QPR chiefs Lee Hoos and Les Ferdinand have criticised FIFA and UEFA’s handling of racism incidents, including fan trouble during England’s game in Bulgaria, saying the two bodies are “incapable of governing”.
On Tuesday, UEFA hit the Bulgarian Football Union (BFU) with a two-match stadium ban and £64,650 fine for the racist behaviour of their fans during the European Qualifier against England, with the ruling met by widespread criticism by the public.
QPR’s U18 team walked off the pitch during a friendly against Spanish side AD Nervion in August after suffering alleged abuse from opposition players, but the club are still awaiting a decision from FIFA on the incident.
“Both FIFA and UEFA seem to treat complaints about racism like a complaint about a broken seat in a stadium,” QPR’s CEO Lee Hoos said in a statement released on Wednesday.
“I am left confused, frustrated and incredibly angry that more than 10 weeks after we lodged our complaint of racism, we are still awaiting a decision. Despite the seriousness of this issue, it took seven weeks and the personal intervention of Greg Clarke – the chairman of the FA and vice-chairman of FIFA – to get a response from FIFA.
“Let’s not forget, the level of racism was so severe that it led to an U18s game being abandoned. Our players deserve better than that. PEOPLE deserve to be treated better than that.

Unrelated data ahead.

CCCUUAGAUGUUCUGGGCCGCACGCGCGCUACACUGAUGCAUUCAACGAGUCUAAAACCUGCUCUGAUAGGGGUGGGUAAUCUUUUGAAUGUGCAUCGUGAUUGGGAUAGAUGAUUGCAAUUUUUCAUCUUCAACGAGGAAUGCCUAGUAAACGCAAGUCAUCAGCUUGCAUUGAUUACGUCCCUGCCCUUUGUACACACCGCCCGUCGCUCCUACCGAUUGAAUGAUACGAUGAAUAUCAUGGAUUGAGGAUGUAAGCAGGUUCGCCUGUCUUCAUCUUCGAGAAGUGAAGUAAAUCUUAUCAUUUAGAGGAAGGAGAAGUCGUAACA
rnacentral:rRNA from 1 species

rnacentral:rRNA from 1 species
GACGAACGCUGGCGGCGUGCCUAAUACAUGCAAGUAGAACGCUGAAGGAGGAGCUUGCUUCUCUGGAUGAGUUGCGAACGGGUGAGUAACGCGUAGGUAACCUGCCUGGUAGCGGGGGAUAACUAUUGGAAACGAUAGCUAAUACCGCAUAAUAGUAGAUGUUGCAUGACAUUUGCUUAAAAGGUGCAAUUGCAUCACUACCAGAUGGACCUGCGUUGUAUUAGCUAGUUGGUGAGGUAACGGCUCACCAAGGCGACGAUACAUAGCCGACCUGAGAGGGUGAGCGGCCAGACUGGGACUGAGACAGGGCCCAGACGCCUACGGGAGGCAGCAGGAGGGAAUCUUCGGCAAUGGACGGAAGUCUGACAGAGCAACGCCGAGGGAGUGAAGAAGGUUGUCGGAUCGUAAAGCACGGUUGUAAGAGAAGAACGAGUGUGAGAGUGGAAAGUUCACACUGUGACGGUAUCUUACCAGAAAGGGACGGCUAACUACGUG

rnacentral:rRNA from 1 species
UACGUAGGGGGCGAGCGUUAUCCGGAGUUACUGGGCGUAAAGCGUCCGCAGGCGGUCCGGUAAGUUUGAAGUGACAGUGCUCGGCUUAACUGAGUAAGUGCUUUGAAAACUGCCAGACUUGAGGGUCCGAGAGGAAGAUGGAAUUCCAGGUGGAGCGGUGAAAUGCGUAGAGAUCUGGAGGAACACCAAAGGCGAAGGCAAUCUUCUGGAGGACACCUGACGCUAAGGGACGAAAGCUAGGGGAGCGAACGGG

“There were a substantial number of people within the game who warned me at the time that this issue would be swept under the carpet and I am appalled to see this appears to be the case. I am disgusted, embarrassed and dismayed to call them our governing bodies when they are incapable of governing.
“There have been repeated reports of racism in southern Spain and that is something that sporting clubs should be aware of before taking their teams there.”
QPR director of football Les Ferdinand added: “Yet again, FIFA and UEFA have failed to deal with this issue – and they haven’t just failed the players subjected to racist abuse, they have failed every BAME fan who wants to go and enjoy football.”
‘Something drastic has to happen’
Former FIFA vice-president Jim Boyce added to the widespread criticism of the punishment handed to Bulgaria, saying football’s governing body should adopt a three-strike system for racist incidents.
“I thought it was very lenient, I’ve got to be honest,” Boyce said. “I have been someone who has always been very outspoken, whether that be racism or sectarianism in any shape or form.
“I think that some of these countries have been warned. They’ve been continuously warned yet it still continues. My own personal feeling is that after three warnings for racism the stadium should be closed for a minimum of three matches to the home supporters.
“I don’t think it’s fair that the away supporters should be penalised because if they want to go and see their country or team playing, I don’t think it’s fair that they should be punished.
“I do believe that something drastic has to happen. This can’t go on and quite honestly a one-match ban was a big surprise, especially as it has been happening on several occasions. I think they should make a punishment to fit the crime.